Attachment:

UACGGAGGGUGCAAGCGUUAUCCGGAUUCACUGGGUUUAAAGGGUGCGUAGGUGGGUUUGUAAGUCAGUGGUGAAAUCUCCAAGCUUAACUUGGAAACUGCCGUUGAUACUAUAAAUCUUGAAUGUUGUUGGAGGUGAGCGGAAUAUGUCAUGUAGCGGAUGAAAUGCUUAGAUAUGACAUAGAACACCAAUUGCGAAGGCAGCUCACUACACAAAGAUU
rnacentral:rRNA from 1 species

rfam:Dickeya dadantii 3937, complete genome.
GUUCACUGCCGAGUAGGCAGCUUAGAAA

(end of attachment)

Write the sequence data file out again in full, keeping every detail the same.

UACGGAGGGUGCAAGCGUUAUCCGGAUUCACUGGGUUUAAAGGGUGCGUAGGUGGGUUUGUAAGUCAGUGGUGAAAUCUCCAAGCUUAACUUGGAAACUGCCGUUGAUACUAUAAAUCUUGAAUGUUGUUGGAGGUGAGCGGAAUAUGUCAUGUAGCGGAUGAAAUGCUUAGAUAUGACAUAGAACACCAAUUGCGAAGGCAGCUCACUACACAAAGAUU
rnacentral:rRNA from 1 species

rfam:Dickeya dadantii 3937, complete genome.
GUUCACUGCCGAGUAGGCAGCUUAGAAA